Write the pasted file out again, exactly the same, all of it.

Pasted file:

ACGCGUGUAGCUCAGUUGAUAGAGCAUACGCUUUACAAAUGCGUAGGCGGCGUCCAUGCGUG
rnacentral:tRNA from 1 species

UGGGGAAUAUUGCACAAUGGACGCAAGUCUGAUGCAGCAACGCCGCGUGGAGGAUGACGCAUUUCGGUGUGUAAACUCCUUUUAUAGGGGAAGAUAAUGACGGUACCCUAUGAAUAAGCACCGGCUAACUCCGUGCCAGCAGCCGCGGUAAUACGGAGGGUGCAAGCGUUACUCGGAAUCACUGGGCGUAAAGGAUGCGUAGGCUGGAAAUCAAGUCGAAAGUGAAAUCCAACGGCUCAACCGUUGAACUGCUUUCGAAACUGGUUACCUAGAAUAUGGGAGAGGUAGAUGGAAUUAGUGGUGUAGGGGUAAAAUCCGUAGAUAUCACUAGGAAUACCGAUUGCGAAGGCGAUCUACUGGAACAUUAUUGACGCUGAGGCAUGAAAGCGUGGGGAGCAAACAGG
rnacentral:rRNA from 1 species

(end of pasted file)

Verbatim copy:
ACGCGUGUAGCUCAGUUGAUAGAGCAUACGCUUUACAAAUGCGUAGGCGGCGUCCAUGCGUG
rnacentral:tRNA from 1 species

UGGGGAAUAUUGCACAAUGGACGCAAGUCUGAUGCAGCAACGCCGCGUGGAGGAUGACGCAUUUCGGUGUGUAAACUCCUUUUAUAGGGGAAGAUAAUGACGGUACCCUAUGAAUAAGCACCGGCUAACUCCGUGCCAGCAGCCGCGGUAAUACGGAGGGUGCAAGCGUUACUCGGAAUCACUGGGCGUAAAGGAUGCGUAGGCUGGAAAUCAAGUCGAAAGUGAAAUCCAACGGCUCAACCGUUGAACUGCUUUCGAAACUGGUUACCUAGAAUAUGGGAGAGGUAGAUGGAAUUAGUGGUGUAGGGGUAAAAUCCGUAGAUAUCACUAGGAAUACCGAUUGCGAAGGCGAUCUACUGGAACAUUAUUGACGCUGAGGCAUGAAAGCGUGGGGAGCAAACAGG
rnacentral:rRNA from 1 species